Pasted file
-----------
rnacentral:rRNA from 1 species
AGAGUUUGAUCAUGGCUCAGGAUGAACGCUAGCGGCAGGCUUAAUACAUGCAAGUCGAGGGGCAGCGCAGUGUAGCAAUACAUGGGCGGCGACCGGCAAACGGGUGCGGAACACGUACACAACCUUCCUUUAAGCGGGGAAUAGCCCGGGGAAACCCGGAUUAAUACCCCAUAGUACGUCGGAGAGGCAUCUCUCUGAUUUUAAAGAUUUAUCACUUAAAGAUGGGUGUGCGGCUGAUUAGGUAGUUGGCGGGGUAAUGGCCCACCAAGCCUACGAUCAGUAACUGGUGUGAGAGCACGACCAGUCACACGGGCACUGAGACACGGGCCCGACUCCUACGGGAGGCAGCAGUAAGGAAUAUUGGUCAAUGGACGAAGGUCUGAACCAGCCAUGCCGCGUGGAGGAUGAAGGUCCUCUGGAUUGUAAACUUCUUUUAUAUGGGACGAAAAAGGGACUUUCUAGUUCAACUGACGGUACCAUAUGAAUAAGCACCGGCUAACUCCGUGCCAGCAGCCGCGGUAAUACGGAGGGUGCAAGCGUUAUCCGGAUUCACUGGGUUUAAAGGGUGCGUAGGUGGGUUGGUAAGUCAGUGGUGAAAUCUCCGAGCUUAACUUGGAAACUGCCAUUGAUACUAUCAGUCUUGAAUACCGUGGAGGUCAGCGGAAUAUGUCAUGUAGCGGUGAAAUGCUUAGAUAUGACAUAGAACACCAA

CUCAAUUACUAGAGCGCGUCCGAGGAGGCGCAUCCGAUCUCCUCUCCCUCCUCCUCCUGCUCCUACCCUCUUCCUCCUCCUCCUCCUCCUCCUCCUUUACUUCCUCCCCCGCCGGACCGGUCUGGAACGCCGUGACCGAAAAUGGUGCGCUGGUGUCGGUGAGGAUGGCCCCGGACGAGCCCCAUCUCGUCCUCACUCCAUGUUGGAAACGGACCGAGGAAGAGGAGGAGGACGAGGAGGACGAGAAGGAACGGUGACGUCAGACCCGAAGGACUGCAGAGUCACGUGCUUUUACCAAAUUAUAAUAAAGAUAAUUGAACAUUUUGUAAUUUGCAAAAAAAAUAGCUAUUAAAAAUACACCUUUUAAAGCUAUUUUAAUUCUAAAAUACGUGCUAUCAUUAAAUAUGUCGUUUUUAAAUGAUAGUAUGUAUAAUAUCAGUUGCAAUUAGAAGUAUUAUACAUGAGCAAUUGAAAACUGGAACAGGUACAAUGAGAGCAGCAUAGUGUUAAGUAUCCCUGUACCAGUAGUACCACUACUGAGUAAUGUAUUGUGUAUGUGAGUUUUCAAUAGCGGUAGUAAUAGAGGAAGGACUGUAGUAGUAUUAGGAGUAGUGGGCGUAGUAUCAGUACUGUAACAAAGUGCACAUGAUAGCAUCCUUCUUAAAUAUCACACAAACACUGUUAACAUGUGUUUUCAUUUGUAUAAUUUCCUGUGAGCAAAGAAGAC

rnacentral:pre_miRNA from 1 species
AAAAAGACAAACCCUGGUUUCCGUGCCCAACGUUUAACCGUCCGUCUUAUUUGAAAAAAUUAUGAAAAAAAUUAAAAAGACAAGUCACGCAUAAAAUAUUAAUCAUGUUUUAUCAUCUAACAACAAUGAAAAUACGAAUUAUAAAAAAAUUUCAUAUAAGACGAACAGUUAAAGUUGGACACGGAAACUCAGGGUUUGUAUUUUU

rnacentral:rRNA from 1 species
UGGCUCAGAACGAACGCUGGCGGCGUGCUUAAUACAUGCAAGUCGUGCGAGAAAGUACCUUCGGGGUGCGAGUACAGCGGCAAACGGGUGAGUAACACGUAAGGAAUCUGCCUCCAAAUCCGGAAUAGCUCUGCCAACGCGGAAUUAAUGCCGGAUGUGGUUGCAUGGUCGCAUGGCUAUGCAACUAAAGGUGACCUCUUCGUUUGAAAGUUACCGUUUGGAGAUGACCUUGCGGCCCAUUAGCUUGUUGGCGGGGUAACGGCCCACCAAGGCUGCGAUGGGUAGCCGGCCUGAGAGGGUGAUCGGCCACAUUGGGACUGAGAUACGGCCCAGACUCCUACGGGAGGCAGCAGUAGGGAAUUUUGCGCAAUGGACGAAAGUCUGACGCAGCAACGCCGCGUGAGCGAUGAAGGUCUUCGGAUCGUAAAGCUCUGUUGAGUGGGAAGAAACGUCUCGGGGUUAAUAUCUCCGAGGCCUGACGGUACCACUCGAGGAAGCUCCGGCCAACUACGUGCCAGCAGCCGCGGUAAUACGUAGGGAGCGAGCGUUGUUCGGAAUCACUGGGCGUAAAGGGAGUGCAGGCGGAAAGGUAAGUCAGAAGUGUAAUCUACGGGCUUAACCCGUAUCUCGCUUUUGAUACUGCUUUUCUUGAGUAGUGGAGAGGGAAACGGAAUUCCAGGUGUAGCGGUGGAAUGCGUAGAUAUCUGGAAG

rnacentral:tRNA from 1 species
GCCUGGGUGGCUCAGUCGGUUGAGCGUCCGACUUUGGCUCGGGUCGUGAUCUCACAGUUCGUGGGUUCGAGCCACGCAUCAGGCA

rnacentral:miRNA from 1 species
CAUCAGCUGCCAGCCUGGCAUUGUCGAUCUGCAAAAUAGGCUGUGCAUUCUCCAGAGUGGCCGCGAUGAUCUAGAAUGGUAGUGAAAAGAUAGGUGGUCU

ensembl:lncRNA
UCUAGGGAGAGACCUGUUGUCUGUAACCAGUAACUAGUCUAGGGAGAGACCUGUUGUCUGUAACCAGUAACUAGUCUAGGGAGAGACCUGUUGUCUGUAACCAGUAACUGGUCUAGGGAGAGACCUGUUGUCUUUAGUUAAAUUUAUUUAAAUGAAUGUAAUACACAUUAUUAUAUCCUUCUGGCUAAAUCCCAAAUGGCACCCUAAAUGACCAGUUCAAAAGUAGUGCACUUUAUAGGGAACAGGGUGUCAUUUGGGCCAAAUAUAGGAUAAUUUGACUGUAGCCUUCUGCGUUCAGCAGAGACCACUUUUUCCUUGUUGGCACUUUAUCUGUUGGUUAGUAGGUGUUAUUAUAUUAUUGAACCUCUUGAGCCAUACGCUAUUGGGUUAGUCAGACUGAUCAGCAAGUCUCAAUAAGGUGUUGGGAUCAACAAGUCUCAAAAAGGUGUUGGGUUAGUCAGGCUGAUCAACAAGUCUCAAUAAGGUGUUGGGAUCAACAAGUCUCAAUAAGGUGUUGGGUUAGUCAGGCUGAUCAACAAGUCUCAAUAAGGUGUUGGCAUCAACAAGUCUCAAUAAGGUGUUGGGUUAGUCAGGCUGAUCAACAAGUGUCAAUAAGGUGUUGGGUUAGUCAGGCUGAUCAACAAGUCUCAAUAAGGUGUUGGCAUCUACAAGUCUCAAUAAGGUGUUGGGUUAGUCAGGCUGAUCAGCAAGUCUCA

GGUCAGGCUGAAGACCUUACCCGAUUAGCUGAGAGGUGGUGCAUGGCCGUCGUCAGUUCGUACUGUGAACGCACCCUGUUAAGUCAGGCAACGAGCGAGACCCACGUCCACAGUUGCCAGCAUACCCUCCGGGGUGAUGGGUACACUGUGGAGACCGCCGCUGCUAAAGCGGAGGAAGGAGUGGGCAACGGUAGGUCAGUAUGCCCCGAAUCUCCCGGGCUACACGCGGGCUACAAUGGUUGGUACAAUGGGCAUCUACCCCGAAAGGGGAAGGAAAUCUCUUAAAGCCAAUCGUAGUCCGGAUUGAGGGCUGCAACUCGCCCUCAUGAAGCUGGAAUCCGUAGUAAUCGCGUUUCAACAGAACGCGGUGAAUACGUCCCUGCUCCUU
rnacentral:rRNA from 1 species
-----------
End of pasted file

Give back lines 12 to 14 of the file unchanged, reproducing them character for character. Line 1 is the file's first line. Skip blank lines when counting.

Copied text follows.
ensembl:lncRNA
UCUAGGGAGAGACCUGUUGUCUGUAACCAGUAACUAGUCUAGGGAGAGACCUGUUGUCUGUAACCAGUAACUAGUCUAGGGAGAGACCUGUUGUCUGUAACCAGUAACUGGUCUAGGGAGAGACCUGUUGUCUUUAGUUAAAUUUAUUUAAAUGAAUGUAAUACACAUUAUUAUAUCCUUCUGGCUAAAUCCCAAAUGGCACCCUAAAUGACCAGUUCAAAAGUAGUGCACUUUAUAGGGAACAGGGUGUCAUUUGGGCCAAAUAUAGGAUAAUUUGACUGUAGCCUUCUGCGUUCAGCAGAGACCACUUUUUCCUUGUUGGCACUUUAUCUGUUGGUUAGUAGGUGUUAUUAUAUUAUUGAACCUCUUGAGCCAUACGCUAUUGGGUUAGUCAGACUGAUCAGCAAGUCUCAAUAAGGUGUUGGGAUCAACAAGUCUCAAAAAGGUGUUGGGUUAGUCAGGCUGAUCAACAAGUCUCAAUAAGGUGUUGGGAUCAACAAGUCUCAAUAAGGUGUUGGGUUAGUCAGGCUGAUCAACAAGUCUCAAUAAGGUGUUGGCAUCAACAAGUCUCAAUAAGGUGUUGGGUUAGUCAGGCUGAUCAACAAGUGUCAAUAAGGUGUUGGGUUAGUCAGGCUGAUCAACAAGUCUCAAUAAGGUGUUGGCAUCUACAAGUCUCAAUAAGGUGUUGGGUUAGUCAGGCUGAUCAGCAAGUCUCA

GGUCAGGCUGAAGACCUUACCCGAUUAGCUGAGAGGUGGUGCAUGGCCGUCGUCAGUUCGUACUGUGAACGCACCCUGUUAAGUCAGGCAACGAGCGAGACCCACGUCCACAGUUGCCAGCAUACCCUCCGGGGUGAUGGGUACACUGUGGAGACCGCCGCUGCUAAAGCGGAGGAAGGAGUGGGCAACGGUAGGUCAGUAUGCCCCGAAUCUCCCGGGCUACACGCGGGCUACAAUGGUUGGUACAAUGGGCAUCUACCCCGAAAGGGGAAGGAAAUCUCUUAAAGCCAAUCGUAGUCCGGAUUGAGGGCUGCAACUCGCCCUCAUGAAGCUGGAAUCCGUAGUAAUCGCGUUUCAACAGAACGCGGUGAAUACGUCCCUGCUCCUU